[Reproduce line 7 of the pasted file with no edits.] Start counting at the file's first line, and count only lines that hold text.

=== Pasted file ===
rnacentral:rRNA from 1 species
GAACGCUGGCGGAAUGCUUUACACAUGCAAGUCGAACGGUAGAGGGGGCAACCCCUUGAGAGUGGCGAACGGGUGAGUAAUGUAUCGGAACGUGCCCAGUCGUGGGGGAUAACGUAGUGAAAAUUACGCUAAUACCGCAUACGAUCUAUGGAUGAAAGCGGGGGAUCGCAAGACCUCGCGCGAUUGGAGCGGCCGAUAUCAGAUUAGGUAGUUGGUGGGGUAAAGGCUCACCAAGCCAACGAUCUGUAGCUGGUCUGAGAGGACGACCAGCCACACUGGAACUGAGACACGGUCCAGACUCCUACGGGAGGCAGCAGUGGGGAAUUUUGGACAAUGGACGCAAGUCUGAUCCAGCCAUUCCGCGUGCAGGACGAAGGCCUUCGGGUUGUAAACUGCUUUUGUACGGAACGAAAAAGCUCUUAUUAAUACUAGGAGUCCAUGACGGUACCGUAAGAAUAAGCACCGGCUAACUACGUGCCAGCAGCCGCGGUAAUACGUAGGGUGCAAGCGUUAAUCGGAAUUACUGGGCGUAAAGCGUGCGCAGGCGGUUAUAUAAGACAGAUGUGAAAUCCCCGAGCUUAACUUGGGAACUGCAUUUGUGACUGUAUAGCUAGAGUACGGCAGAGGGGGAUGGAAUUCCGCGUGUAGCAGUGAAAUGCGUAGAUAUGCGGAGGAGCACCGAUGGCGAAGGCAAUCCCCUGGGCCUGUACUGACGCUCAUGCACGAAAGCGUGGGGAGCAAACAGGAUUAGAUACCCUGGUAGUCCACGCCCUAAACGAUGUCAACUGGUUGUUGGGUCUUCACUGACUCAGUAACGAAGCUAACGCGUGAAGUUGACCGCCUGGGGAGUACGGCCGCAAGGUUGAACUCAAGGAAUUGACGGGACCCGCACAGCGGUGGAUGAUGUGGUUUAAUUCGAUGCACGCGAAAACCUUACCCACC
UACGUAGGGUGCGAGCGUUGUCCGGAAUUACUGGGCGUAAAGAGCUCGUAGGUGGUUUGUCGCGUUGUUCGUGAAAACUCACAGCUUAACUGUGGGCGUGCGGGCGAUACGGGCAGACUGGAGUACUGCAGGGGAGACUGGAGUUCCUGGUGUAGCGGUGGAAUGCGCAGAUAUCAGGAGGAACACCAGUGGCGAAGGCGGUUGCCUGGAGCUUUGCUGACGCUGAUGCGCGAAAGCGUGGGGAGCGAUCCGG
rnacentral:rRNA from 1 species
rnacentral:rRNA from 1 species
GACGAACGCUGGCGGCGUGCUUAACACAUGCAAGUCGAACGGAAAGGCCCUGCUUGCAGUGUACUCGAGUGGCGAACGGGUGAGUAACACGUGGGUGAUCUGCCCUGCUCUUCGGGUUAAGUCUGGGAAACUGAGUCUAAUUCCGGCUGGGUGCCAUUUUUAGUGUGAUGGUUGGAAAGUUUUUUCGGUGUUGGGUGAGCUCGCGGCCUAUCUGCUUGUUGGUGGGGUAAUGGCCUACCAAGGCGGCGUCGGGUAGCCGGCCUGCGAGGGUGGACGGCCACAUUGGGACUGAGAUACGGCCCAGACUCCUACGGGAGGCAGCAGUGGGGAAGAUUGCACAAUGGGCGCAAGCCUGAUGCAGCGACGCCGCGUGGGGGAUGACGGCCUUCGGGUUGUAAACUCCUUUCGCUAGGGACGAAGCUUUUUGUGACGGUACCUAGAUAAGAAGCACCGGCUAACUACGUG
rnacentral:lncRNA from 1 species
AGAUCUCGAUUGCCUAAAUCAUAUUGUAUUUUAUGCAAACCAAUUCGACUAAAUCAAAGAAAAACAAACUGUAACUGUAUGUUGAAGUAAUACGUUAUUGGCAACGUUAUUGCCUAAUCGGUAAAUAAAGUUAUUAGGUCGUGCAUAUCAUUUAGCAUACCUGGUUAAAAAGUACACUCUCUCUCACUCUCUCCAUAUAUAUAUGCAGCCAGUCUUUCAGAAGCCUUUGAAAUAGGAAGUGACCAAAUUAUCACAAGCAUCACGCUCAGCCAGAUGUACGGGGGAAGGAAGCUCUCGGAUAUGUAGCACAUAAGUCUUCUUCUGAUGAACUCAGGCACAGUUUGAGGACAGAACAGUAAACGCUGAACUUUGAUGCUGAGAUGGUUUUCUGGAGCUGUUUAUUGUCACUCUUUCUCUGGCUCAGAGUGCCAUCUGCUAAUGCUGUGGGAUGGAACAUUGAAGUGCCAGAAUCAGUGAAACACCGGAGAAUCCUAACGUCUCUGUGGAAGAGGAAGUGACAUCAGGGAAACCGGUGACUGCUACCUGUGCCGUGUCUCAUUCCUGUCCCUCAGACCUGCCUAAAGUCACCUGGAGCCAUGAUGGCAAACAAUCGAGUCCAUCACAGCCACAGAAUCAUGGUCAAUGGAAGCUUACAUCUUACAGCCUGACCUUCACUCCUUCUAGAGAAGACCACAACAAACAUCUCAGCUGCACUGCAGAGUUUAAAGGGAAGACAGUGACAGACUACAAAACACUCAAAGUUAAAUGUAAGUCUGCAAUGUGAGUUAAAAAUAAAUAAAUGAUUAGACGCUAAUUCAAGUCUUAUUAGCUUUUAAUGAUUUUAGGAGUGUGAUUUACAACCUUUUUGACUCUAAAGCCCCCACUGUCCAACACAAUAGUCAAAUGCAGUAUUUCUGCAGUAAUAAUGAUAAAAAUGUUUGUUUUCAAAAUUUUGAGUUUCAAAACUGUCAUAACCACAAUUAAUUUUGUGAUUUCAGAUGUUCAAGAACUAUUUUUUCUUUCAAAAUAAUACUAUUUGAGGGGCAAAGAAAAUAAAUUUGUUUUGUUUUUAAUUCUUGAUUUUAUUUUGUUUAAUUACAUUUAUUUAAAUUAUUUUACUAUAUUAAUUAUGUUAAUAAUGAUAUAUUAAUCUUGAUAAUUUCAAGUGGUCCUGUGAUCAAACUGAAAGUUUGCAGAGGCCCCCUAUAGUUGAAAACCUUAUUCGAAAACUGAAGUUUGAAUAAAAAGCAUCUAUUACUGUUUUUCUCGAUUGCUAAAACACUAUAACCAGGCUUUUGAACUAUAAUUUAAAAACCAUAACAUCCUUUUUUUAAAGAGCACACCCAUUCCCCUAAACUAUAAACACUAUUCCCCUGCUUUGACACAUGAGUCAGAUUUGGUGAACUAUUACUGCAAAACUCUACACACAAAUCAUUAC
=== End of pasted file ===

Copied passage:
rnacentral:lncRNA from 1 species